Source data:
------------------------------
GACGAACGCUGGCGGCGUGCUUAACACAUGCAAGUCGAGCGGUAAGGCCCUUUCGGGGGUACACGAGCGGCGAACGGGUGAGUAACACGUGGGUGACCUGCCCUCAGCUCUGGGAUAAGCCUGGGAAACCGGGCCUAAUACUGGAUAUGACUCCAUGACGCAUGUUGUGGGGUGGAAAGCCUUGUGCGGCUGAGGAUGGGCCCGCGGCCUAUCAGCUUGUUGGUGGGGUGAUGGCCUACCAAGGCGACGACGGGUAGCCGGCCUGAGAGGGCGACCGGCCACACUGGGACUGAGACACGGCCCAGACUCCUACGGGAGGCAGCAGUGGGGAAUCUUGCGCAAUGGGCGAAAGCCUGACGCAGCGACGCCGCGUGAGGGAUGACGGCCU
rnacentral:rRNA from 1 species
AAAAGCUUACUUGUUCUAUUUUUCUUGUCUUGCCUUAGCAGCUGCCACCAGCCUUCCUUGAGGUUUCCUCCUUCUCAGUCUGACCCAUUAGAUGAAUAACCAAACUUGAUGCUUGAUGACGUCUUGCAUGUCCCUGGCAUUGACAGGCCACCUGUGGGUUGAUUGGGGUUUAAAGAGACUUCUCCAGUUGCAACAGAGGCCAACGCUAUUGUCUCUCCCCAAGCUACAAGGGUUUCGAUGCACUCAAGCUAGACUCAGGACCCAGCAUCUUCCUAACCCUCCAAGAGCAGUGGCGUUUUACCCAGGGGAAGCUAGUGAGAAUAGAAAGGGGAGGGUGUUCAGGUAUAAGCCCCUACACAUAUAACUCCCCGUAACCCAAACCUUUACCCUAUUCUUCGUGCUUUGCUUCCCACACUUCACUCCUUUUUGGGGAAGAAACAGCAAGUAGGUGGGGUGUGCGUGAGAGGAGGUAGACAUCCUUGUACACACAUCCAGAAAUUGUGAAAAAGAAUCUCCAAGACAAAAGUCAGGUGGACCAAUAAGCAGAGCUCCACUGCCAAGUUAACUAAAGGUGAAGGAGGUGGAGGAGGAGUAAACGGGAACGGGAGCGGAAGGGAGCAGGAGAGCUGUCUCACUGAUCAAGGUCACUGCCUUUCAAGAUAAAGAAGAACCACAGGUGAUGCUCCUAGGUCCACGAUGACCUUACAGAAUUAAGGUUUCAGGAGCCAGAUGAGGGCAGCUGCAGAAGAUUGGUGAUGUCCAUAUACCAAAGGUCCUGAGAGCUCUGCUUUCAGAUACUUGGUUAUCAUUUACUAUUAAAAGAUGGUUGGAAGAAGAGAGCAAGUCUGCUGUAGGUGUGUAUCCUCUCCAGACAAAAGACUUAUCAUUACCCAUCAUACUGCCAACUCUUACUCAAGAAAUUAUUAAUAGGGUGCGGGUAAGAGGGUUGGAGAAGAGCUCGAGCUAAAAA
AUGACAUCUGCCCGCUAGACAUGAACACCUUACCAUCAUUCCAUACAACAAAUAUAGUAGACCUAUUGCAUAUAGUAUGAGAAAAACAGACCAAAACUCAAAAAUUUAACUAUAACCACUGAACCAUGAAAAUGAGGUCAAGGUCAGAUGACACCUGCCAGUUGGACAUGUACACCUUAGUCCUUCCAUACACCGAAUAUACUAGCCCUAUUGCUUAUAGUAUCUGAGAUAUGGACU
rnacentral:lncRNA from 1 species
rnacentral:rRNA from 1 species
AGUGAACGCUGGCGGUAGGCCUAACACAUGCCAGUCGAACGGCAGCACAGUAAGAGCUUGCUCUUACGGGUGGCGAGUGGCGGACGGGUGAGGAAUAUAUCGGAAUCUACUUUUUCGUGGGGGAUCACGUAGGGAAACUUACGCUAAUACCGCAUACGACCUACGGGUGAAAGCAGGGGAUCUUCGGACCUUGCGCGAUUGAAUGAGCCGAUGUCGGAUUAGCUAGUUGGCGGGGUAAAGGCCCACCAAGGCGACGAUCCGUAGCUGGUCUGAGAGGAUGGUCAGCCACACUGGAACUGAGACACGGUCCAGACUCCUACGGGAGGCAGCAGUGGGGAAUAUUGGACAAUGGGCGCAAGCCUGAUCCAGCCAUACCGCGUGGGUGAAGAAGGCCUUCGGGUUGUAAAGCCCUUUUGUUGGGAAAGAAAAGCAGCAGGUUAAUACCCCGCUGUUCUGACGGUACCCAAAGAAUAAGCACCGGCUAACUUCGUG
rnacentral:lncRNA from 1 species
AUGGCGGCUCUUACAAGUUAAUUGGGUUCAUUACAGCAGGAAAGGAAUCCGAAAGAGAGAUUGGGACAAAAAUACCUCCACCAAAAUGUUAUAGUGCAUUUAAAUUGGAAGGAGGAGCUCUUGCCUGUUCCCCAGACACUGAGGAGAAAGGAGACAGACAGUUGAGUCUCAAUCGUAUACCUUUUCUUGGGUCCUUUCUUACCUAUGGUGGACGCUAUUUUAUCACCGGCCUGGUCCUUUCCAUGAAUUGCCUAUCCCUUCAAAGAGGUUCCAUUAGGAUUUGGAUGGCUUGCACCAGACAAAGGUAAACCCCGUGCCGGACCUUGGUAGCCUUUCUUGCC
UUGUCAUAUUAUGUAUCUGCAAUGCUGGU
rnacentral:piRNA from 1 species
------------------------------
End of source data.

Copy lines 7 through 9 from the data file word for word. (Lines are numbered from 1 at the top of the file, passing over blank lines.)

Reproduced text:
AGUGAACGCUGGCGGUAGGCCUAACACAUGCCAGUCGAACGGCAGCACAGUAAGAGCUUGCUCUUACGGGUGGCGAGUGGCGGACGGGUGAGGAAUAUAUCGGAAUCUACUUUUUCGUGGGGGAUCACGUAGGGAAACUUACGCUAAUACCGCAUACGACCUACGGGUGAAAGCAGGGGAUCUUCGGACCUUGCGCGAUUGAAUGAGCCGAUGUCGGAUUAGCUAGUUGGCGGGGUAAAGGCCCACCAAGGCGACGAUCCGUAGCUGGUCUGAGAGGAUGGUCAGCCACACUGGAACUGAGACACGGUCCAGACUCCUACGGGAGGCAGCAGUGGGGAAUAUUGGACAAUGGGCGCAAGCCUGAUCCAGCCAUACCGCGUGGGUGAAGAAGGCCUUCGGGUUGUAAAGCCCUUUUGUUGGGAAAGAAAAGCAGCAGGUUAAUACCCCGCUGUUCUGACGGUACCCAAAGAAUAAGCACCGGCUAACUUCGUG
rnacentral:lncRNA from 1 species
AUGGCGGCUCUUACAAGUUAAUUGGGUUCAUUACAGCAGGAAAGGAAUCCGAAAGAGAGAUUGGGACAAAAAUACCUCCACCAAAAUGUUAUAGUGCAUUUAAAUUGGAAGGAGGAGCUCUUGCCUGUUCCCCAGACACUGAGGAGAAAGGAGACAGACAGUUGAGUCUCAAUCGUAUACCUUUUCUUGGGUCCUUUCUUACCUAUGGUGGACGCUAUUUUAUCACCGGCCUGGUCCUUUCCAUGAAUUGCCUAUCCCUUCAAAGAGGUUCCAUUAGGAUUUGGAUGGCUUGCACCAGACAAAGGUAAACCCCGUGCCGGACCUUGGUAGCCUUUCUUGCC